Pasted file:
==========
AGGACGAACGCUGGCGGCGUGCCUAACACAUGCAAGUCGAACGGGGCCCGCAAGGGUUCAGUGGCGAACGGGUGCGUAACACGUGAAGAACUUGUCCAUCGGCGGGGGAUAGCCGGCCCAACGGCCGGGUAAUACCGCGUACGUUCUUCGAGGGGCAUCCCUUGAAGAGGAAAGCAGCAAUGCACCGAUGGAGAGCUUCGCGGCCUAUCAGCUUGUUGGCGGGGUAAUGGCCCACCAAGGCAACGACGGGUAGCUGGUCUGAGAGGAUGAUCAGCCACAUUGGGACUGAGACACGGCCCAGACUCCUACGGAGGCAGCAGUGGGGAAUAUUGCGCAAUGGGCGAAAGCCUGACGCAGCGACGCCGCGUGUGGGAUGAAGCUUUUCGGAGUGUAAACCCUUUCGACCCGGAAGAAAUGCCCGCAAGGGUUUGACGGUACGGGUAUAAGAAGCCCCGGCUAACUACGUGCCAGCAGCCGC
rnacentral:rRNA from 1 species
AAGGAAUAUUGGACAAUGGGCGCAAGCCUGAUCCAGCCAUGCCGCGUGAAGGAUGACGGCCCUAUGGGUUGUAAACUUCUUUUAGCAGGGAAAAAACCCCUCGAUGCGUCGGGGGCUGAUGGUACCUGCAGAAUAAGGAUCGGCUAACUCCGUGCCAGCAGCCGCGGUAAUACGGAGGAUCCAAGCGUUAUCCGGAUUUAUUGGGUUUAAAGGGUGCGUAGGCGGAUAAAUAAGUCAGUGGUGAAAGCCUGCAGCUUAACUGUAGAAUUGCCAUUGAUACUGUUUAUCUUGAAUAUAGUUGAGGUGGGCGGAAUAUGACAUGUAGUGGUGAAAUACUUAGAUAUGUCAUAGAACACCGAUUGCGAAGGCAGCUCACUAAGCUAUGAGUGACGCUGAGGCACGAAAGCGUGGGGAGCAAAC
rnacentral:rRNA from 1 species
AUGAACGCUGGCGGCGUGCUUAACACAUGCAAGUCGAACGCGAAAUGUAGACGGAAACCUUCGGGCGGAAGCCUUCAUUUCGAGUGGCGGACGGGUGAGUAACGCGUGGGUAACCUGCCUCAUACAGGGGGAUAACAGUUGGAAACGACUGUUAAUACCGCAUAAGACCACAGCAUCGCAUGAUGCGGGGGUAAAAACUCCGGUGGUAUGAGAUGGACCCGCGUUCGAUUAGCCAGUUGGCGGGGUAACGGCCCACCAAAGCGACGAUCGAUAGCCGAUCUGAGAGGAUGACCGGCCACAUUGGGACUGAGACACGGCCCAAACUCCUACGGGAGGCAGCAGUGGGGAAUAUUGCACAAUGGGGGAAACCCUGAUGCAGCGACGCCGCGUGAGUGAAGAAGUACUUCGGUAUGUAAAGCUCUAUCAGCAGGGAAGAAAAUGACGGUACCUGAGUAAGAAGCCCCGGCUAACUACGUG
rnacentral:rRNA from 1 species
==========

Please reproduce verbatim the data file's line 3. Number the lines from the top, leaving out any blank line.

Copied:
AAGGAAUAUUGGACAAUGGGCGCAAGCCUGAUCCAGCCAUGCCGCGUGAAGGAUGACGGCCCUAUGGGUUGUAAACUUCUUUUAGCAGGGAAAAAACCCCUCGAUGCGUCGGGGGCUGAUGGUACCUGCAGAAUAAGGAUCGGCUAACUCCGUGCCAGCAGCCGCGGUAAUACGGAGGAUCCAAGCGUUAUCCGGAUUUAUUGGGUUUAAAGGGUGCGUAGGCGGAUAAAUAAGUCAGUGGUGAAAGCCUGCAGCUUAACUGUAGAAUUGCCAUUGAUACUGUUUAUCUUGAAUAUAGUUGAGGUGGGCGGAAUAUGACAUGUAGUGGUGAAAUACUUAGAUAUGUCAUAGAACACCGAUUGCGAAGGCAGCUCACUAAGCUAUGAGUGACGCUGAGGCACGAAAGCGUGGGGAGCAAAC